A 1957 Centerville graduate and possibly the best football player in Western Pennsylvania in the 1950s, Worrell died Dec. 22, 1957 at the home of his parents, Thomas Eli “Woody” and Helen Bilpuch Worrell, in Denbo.
He was only 19.
“I can’t believe it was almost 60 years ago,” McConnell said. “It seems like it was just yesterday. You never forget something like that. It was the most traumatic day of my life.”
Worrell, who was born March 8, 1938, was killed while helping his father put up a television antenna. His death stunned people throughout the area and State College, where he had just completed an outstanding freshman football season at Penn State University.
“They were in the alley behind the house, not on the roof as most people think,” McConnell said. “Bob was holding a metal pipe attached to the antenna when it came into contact with a high tension wire. He collapsed and was caught by his father, who also was burned by the high voltage. Bob sat up and said, ‘Dad, I’m OK,’ and then he fell back on the blacktop. His dad was never the same (emotionally) after that.”
Brownsville firemen were called and administered CPR in an attempt to save Bob’s life. He was taken to Brownsville General Hospital and was pronounced dead shortly after 4 p.m., less than an hour after the accident. The news of Worrell’s death spread fast.
“We were home for the holiday break,” McConnell recalled. “Bob was visiting at his parents’ home and I was with my mom and dad getting ready for Christmas. I can still see and hear my mother-in-law running toward the front door and screaming, ‘Kimmie doesn’t have a father anymore. Kimmie doesn’t have a father anymore.’ We didn’t understand what she meant, but when she explained ... bam! It was as if someone had stuck a knife in my heart. We were devastated. It was the first time I ever saw my father cry.”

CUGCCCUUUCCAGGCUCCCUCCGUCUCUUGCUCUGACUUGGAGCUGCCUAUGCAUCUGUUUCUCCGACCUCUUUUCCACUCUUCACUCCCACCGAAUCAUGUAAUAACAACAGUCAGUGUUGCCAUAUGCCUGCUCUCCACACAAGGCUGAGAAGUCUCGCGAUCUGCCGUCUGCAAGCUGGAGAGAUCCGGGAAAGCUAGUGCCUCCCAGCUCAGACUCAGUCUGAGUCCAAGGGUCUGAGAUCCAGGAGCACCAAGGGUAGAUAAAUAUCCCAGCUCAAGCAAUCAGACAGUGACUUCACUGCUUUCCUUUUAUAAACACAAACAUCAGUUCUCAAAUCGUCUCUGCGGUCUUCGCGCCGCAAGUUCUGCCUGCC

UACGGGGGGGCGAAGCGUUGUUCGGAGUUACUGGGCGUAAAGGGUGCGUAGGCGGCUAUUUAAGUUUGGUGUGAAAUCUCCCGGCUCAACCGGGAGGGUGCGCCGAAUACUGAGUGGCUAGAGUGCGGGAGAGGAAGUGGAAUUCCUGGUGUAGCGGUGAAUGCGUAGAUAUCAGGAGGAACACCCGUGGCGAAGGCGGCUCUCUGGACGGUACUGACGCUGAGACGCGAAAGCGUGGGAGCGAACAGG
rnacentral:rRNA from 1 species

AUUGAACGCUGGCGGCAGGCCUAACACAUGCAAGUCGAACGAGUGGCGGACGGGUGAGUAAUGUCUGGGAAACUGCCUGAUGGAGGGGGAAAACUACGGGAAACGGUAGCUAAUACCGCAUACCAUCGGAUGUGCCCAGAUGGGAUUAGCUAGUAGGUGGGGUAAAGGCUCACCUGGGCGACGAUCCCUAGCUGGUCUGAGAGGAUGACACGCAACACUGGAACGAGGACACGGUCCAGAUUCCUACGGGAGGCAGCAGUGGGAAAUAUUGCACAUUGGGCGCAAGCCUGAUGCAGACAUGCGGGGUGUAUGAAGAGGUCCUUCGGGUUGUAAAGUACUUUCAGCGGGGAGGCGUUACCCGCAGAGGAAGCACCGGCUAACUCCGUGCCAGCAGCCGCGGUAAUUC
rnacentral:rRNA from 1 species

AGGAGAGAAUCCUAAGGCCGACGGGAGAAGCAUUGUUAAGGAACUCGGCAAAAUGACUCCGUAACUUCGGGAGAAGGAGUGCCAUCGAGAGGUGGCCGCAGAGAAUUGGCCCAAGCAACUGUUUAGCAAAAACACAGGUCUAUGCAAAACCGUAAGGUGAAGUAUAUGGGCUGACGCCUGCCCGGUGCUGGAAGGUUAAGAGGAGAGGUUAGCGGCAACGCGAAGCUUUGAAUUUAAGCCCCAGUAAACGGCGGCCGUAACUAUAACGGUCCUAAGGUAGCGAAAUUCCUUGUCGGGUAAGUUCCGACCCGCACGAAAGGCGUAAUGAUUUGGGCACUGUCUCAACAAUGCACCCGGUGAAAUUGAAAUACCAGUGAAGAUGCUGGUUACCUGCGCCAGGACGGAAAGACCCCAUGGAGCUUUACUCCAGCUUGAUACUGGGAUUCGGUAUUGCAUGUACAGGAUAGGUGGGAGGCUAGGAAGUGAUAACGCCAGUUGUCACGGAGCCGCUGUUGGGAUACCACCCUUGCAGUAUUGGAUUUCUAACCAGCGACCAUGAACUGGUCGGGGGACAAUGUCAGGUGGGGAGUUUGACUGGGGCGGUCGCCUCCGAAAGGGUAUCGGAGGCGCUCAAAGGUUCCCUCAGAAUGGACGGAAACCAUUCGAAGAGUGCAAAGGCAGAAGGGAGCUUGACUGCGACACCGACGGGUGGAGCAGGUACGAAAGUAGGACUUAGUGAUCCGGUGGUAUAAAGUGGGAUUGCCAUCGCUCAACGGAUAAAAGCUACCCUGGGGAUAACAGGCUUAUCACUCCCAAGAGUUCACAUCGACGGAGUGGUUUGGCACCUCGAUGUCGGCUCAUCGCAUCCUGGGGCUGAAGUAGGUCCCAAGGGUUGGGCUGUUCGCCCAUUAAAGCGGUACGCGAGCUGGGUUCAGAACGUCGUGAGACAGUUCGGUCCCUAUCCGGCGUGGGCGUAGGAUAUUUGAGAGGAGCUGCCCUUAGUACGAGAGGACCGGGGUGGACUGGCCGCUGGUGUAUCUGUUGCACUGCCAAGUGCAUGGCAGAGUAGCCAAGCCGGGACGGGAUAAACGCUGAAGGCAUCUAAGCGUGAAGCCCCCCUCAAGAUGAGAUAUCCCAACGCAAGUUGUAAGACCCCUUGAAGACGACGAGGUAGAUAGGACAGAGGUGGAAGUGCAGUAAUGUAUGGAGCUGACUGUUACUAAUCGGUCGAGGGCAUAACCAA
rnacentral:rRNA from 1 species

Carol and Bob were longtime sweethearts who married during the summer after their junior year at Centerville High and became the parents of a daughter, Kimberly Jeannette, two months before graduation. She was only eight months old when her father died.
Worrell’s funeral was unlike anything Centerville had ever seen.
“It was pretty much a blur for the family, so much going on,” McConnell said. “There were hundreds of people who came to pay their respects. The Penn State football team traveled here by bus and players and coaches from other schools also came. Support from the community, of course, was tremendous, and to this day we remain deeply grateful to everyone.”
Public visitation took place at the Kisinger Funeral Home in Brownsville and St. Paul’s Methodist Church in Denbo. The Rev. D.M. Candrol was in charge of services at the church and burial was at Lafayette Memorial Park near Brownsville.
“The (funeral) procession was about two miles long,” McConnell recalled.
Worrell, a bruising 6-0, 200-plus-pound fullback and linebacker, graduated from Centerville in 1957 after a celebrated four-year athletic career as a starter in football, basketball, baseball and track. He was a high school All-America football player courted by nearly 140 colleges, was named the top player in the WPIAL as a junior and senior and set WPIAL and PIAA records in track and field.
“My father often said Red was the best (back) he ever coached,” said former state Rep. Peter J. Daley of California, whose late father, Pete Daley Sr., was Centerville’s head football coach during Worrell’s tenure with the Wildcats.